• If classmates or colleagues make comments about academic failures, disregard the comments and focus on yourself and what you can do to improve.
    • Many people are competitive when it comes to academic elements such as grades, awards, or publications. Not getting caught up in the competition will help you maintain your confidence and continue to build it based on your own accomplishments.
    • If you can’t remove a person from your life entirely, or you don’t want to hurt him, limit your exposure to him. You can also counteract negative feedback or viewpoints by pointing out the positive in the person’s commentary.[9]
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    Recognize signs of "impostor syndrome." Impostor syndrome is very common among academics. It causes feelings of intense self-doubt, as though you do not deserve success or feeling like you are a phony. Even students who are very intelligent and hard-working may experience impostor syndrome; these feelings are usually unrelated to your actual achievement levels. Consider whether you have experienced any of the following:[10]
    • Feeling like you're a fraud. You may feel like you don't deserve the success or respect that you have earned. You might have thoughts such as, "People don't understand how little I know about my subject" or "I just look competent, but I'm really not."
    • Feeling like you're just lucky. You might think that getting that publication or grant was just "luck," failing to acknowledge that many people submit essays or grant proposals and do not get accepted.
    • Discounting your successes. You may feel pressure to downplay your successes, such as saying "Oh, everyone does that" or "It's really not a big deal."
    • This type of thinking is usually due to a cognitive distortion, or unhelpful thinking habit, that focuses on your weaknesses without acknowledging your strengths. For example, if you are a graduate student, it might be natural to feel like you really don't know anything about your field when you compare your body of knowledge to someone who's been doing research for a decade or two. However, this discounts what you do know: after all, you would not have gotten into a graduate program without having promise, and you have probably learned a great deal that you're not acknowledging to yourself.

Part 2
Building Your Academic Confidence

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    Talk to a teacher or professor about your work. Teachers and professors often have insights on your work or academic performance that you can’t objectively assess. By talking to your teacher or professor about your work, you may be able to take much more proactive steps to building your confidence.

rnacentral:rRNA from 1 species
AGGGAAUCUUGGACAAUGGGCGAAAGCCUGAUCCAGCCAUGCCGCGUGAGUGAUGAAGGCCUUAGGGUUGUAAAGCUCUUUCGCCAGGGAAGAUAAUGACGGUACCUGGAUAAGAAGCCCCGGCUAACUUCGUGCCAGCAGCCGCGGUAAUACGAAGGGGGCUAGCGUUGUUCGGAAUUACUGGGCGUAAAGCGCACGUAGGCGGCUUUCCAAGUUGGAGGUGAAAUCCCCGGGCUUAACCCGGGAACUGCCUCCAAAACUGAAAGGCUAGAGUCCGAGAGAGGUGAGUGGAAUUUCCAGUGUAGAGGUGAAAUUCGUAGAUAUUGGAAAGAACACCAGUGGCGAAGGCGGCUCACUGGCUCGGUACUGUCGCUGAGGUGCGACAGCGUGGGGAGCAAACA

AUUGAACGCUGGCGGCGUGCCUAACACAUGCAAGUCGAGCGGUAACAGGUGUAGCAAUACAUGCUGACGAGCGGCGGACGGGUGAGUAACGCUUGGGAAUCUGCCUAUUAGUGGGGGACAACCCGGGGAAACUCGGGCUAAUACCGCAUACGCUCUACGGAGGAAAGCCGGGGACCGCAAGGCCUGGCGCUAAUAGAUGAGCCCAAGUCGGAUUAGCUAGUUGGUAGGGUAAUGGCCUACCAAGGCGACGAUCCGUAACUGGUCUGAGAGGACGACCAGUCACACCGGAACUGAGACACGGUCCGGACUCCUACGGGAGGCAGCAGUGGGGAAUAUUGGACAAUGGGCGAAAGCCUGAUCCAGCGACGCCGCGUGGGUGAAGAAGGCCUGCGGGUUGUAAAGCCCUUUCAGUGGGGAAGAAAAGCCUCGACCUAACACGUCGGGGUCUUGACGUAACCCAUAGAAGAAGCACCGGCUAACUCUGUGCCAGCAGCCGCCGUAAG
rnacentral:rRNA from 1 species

• Prepare yourself before your meeting. Having a list of points you want to discuss will help focus the conversation. You can discuss items such as strengths and weaknesses, how you can improve your work, or how to deal with larger issues such as career planning.
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    Get help from a tutor or counselor. If you need help with work or have questions about your future, hire a tutor or talk to a counselor. Both can have a significant impact on your work and focusing on your goals.
    • A tutor can help you develop your academic skills further and build confidence with positive feedback.
    • A guidance or career counselor can help you formulate a plan to develop your skills or meet long term goals such as getting into college or becoming a professional editor.
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    See the positive in your academic performance. Negative thoughts and attitudes are draining and if you give in to them, they will undermine any confidence you have. Seeking out the positive in any academic situation will help shift your mindset and build confidence in your work and skills.[11]
    • Any academic failure or criticism has some redeeming aspect. It might take some time to recognize, but being able to see the positive aspects in a bad grade or criticism will help you move on and focus on your strengths.
    • Remember that negative feedback or bad grades do not define you as a person. They do not even define the overall quality of your work; they represent only a small part it.[12]
    • Most people who assess your work will try to find positive and negative aspects. Use these comments to balance out each other.
    • Maintaining a positive attitude will contribute significantly to building your confidence.[13]
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    Make a list of your academic strengths and focus on them. Listing all of your academic strengths and focusing on them will help you counteract any negative thoughts that may arise about your work or skills. In turn, this will help build your confidence.[14]